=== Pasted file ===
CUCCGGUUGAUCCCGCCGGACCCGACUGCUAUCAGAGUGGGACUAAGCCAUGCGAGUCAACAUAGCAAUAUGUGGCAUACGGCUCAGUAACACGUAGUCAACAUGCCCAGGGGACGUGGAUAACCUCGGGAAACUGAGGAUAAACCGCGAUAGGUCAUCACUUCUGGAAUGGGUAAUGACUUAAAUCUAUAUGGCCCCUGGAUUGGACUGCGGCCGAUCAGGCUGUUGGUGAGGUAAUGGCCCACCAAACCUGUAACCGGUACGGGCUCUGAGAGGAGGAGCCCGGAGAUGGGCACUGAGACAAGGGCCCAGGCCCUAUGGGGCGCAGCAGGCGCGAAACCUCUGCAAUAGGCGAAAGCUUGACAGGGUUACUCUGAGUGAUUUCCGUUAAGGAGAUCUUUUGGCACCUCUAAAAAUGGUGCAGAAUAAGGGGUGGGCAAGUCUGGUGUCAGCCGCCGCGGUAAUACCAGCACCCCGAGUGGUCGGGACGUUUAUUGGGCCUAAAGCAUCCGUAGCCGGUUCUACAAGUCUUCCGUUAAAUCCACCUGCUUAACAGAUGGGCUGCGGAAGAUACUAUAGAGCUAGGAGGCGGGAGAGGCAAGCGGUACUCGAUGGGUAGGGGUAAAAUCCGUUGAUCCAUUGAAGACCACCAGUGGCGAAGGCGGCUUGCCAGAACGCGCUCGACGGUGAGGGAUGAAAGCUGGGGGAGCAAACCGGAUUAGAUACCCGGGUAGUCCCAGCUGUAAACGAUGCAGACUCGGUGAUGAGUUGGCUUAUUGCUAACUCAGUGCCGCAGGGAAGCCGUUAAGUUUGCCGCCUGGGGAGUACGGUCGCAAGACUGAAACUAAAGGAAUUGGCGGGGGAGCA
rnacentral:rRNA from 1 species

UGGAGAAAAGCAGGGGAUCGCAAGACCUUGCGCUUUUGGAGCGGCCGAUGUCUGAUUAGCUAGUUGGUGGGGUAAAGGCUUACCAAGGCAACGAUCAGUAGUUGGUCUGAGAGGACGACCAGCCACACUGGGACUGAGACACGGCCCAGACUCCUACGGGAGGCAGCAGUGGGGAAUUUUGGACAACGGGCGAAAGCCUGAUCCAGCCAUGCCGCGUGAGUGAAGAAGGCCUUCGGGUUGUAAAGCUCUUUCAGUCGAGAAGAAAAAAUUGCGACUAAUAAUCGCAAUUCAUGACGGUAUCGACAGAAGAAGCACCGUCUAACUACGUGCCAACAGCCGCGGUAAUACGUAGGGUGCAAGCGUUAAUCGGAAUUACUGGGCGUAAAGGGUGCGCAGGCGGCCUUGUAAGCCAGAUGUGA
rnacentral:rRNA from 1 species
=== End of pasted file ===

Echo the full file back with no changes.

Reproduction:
CUCCGGUUGAUCCCGCCGGACCCGACUGCUAUCAGAGUGGGACUAAGCCAUGCGAGUCAACAUAGCAAUAUGUGGCAUACGGCUCAGUAACACGUAGUCAACAUGCCCAGGGGACGUGGAUAACCUCGGGAAACUGAGGAUAAACCGCGAUAGGUCAUCACUUCUGGAAUGGGUAAUGACUUAAAUCUAUAUGGCCCCUGGAUUGGACUGCGGCCGAUCAGGCUGUUGGUGAGGUAAUGGCCCACCAAACCUGUAACCGGUACGGGCUCUGAGAGGAGGAGCCCGGAGAUGGGCACUGAGACAAGGGCCCAGGCCCUAUGGGGCGCAGCAGGCGCGAAACCUCUGCAAUAGGCGAAAGCUUGACAGGGUUACUCUGAGUGAUUUCCGUUAAGGAGAUCUUUUGGCACCUCUAAAAAUGGUGCAGAAUAAGGGGUGGGCAAGUCUGGUGUCAGCCGCCGCGGUAAUACCAGCACCCCGAGUGGUCGGGACGUUUAUUGGGCCUAAAGCAUCCGUAGCCGGUUCUACAAGUCUUCCGUUAAAUCCACCUGCUUAACAGAUGGGCUGCGGAAGAUACUAUAGAGCUAGGAGGCGGGAGAGGCAAGCGGUACUCGAUGGGUAGGGGUAAAAUCCGUUGAUCCAUUGAAGACCACCAGUGGCGAAGGCGGCUUGCCAGAACGCGCUCGACGGUGAGGGAUGAAAGCUGGGGGAGCAAACCGGAUUAGAUACCCGGGUAGUCCCAGCUGUAAACGAUGCAGACUCGGUGAUGAGUUGGCUUAUUGCUAACUCAGUGCCGCAGGGAAGCCGUUAAGUUUGCCGCCUGGGGAGUACGGUCGCAAGACUGAAACUAAAGGAAUUGGCGGGGGAGCA
rnacentral:rRNA from 1 species

UGGAGAAAAGCAGGGGAUCGCAAGACCUUGCGCUUUUGGAGCGGCCGAUGUCUGAUUAGCUAGUUGGUGGGGUAAAGGCUUACCAAGGCAACGAUCAGUAGUUGGUCUGAGAGGACGACCAGCCACACUGGGACUGAGACACGGCCCAGACUCCUACGGGAGGCAGCAGUGGGGAAUUUUGGACAACGGGCGAAAGCCUGAUCCAGCCAUGCCGCGUGAGUGAAGAAGGCCUUCGGGUUGUAAAGCUCUUUCAGUCGAGAAGAAAAAAUUGCGACUAAUAAUCGCAAUUCAUGACGGUAUCGACAGAAGAAGCACCGUCUAACUACGUGCCAACAGCCGCGGUAAUACGUAGGGUGCAAGCGUUAAUCGGAAUUACUGGGCGUAAAGGGUGCGCAGGCGGCCUUGUAAGCCAGAUGUGA
rnacentral:rRNA from 1 species